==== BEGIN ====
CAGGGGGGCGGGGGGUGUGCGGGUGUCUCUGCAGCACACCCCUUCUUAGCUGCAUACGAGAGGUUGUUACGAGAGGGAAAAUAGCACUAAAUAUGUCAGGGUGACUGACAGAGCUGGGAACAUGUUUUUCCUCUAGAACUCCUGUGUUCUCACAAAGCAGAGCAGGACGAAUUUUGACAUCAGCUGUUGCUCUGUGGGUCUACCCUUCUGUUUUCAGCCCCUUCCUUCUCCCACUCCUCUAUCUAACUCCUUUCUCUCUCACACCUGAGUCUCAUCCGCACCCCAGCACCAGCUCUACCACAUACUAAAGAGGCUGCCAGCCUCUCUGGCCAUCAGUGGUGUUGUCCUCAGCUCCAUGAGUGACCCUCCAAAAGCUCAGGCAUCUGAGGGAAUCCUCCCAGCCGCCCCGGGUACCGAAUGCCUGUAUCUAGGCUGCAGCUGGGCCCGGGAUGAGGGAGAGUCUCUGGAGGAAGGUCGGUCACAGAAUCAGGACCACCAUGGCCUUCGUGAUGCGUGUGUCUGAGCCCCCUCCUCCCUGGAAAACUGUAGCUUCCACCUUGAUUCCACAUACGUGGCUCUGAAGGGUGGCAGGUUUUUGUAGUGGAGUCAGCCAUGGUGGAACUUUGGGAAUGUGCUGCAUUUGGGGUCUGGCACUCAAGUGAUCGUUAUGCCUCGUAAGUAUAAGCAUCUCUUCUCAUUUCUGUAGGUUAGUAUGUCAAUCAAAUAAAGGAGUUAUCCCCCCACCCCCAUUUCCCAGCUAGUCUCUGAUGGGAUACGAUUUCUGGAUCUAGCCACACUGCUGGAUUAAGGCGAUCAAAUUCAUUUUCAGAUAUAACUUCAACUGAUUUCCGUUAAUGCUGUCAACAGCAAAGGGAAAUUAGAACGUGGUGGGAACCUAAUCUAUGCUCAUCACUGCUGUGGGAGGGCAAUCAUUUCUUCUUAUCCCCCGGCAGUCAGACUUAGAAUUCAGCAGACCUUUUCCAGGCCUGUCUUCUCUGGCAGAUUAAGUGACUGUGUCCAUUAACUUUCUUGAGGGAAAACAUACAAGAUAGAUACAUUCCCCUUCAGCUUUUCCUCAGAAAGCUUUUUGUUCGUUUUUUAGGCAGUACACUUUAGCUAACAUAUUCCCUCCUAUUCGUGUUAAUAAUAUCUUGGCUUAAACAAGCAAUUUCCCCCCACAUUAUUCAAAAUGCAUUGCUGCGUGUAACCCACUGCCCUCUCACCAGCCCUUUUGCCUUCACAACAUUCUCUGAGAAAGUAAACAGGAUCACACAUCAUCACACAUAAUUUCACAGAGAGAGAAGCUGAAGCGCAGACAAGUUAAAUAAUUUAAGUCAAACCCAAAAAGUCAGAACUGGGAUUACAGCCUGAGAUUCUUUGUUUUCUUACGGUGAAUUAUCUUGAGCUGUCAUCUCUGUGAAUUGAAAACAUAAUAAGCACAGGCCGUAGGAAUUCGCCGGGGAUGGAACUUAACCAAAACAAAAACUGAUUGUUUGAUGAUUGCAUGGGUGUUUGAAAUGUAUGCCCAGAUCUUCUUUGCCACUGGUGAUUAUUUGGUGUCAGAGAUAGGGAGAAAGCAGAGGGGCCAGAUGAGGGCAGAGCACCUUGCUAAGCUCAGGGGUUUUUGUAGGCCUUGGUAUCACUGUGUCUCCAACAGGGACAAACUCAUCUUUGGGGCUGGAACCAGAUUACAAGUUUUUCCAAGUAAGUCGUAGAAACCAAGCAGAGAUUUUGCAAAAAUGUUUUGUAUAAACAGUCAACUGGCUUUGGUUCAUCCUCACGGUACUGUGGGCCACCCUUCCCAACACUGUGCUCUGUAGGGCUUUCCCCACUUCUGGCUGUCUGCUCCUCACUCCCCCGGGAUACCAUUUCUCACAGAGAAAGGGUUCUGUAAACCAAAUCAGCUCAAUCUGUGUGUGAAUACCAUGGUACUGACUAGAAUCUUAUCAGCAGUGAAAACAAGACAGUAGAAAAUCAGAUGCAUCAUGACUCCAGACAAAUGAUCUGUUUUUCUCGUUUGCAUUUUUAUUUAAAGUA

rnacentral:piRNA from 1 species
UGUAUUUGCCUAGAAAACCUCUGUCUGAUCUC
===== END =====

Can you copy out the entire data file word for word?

CAGGGGGGCGGGGGGUGUGCGGGUGUCUCUGCAGCACACCCCUUCUUAGCUGCAUACGAGAGGUUGUUACGAGAGGGAAAAUAGCACUAAAUAUGUCAGGGUGACUGACAGAGCUGGGAACAUGUUUUUCCUCUAGAACUCCUGUGUUCUCACAAAGCAGAGCAGGACGAAUUUUGACAUCAGCUGUUGCUCUGUGGGUCUACCCUUCUGUUUUCAGCCCCUUCCUUCUCCCACUCCUCUAUCUAACUCCUUUCUCUCUCACACCUGAGUCUCAUCCGCACCCCAGCACCAGCUCUACCACAUACUAAAGAGGCUGCCAGCCUCUCUGGCCAUCAGUGGUGUUGUCCUCAGCUCCAUGAGUGACCCUCCAAAAGCUCAGGCAUCUGAGGGAAUCCUCCCAGCCGCCCCGGGUACCGAAUGCCUGUAUCUAGGCUGCAGCUGGGCCCGGGAUGAGGGAGAGUCUCUGGAGGAAGGUCGGUCACAGAAUCAGGACCACCAUGGCCUUCGUGAUGCGUGUGUCUGAGCCCCCUCCUCCCUGGAAAACUGUAGCUUCCACCUUGAUUCCACAUACGUGGCUCUGAAGGGUGGCAGGUUUUUGUAGUGGAGUCAGCCAUGGUGGAACUUUGGGAAUGUGCUGCAUUUGGGGUCUGGCACUCAAGUGAUCGUUAUGCCUCGUAAGUAUAAGCAUCUCUUCUCAUUUCUGUAGGUUAGUAUGUCAAUCAAAUAAAGGAGUUAUCCCCCCACCCCCAUUUCCCAGCUAGUCUCUGAUGGGAUACGAUUUCUGGAUCUAGCCACACUGCUGGAUUAAGGCGAUCAAAUUCAUUUUCAGAUAUAACUUCAACUGAUUUCCGUUAAUGCUGUCAACAGCAAAGGGAAAUUAGAACGUGGUGGGAACCUAAUCUAUGCUCAUCACUGCUGUGGGAGGGCAAUCAUUUCUUCUUAUCCCCCGGCAGUCAGACUUAGAAUUCAGCAGACCUUUUCCAGGCCUGUCUUCUCUGGCAGAUUAAGUGACUGUGUCCAUUAACUUUCUUGAGGGAAAACAUACAAGAUAGAUACAUUCCCCUUCAGCUUUUCCUCAGAAAGCUUUUUGUUCGUUUUUUAGGCAGUACACUUUAGCUAACAUAUUCCCUCCUAUUCGUGUUAAUAAUAUCUUGGCUUAAACAAGCAAUUUCCCCCCACAUUAUUCAAAAUGCAUUGCUGCGUGUAACCCACUGCCCUCUCACCAGCCCUUUUGCCUUCACAACAUUCUCUGAGAAAGUAAACAGGAUCACACAUCAUCACACAUAAUUUCACAGAGAGAGAAGCUGAAGCGCAGACAAGUUAAAUAAUUUAAGUCAAACCCAAAAAGUCAGAACUGGGAUUACAGCCUGAGAUUCUUUGUUUUCUUACGGUGAAUUAUCUUGAGCUGUCAUCUCUGUGAAUUGAAAACAUAAUAAGCACAGGCCGUAGGAAUUCGCCGGGGAUGGAACUUAACCAAAACAAAAACUGAUUGUUUGAUGAUUGCAUGGGUGUUUGAAAUGUAUGCCCAGAUCUUCUUUGCCACUGGUGAUUAUUUGGUGUCAGAGAUAGGGAGAAAGCAGAGGGGCCAGAUGAGGGCAGAGCACCUUGCUAAGCUCAGGGGUUUUUGUAGGCCUUGGUAUCACUGUGUCUCCAACAGGGACAAACUCAUCUUUGGGGCUGGAACCAGAUUACAAGUUUUUCCAAGUAAGUCGUAGAAACCAAGCAGAGAUUUUGCAAAAAUGUUUUGUAUAAACAGUCAACUGGCUUUGGUUCAUCCUCACGGUACUGUGGGCCACCCUUCCCAACACUGUGCUCUGUAGGGCUUUCCCCACUUCUGGCUGUCUGCUCCUCACUCCCCCGGGAUACCAUUUCUCACAGAGAAAGGGUUCUGUAAACCAAAUCAGCUCAAUCUGUGUGUGAAUACCAUGGUACUGACUAGAAUCUUAUCAGCAGUGAAAACAAGACAGUAGAAAAUCAGAUGCAUCAUGACUCCAGACAAAUGAUCUGUUUUUCUCGUUUGCAUUUUUAUUUAAAGUA

rnacentral:piRNA from 1 species
UGUAUUUGCCUAGAAAACCUCUGUCUGAUCUC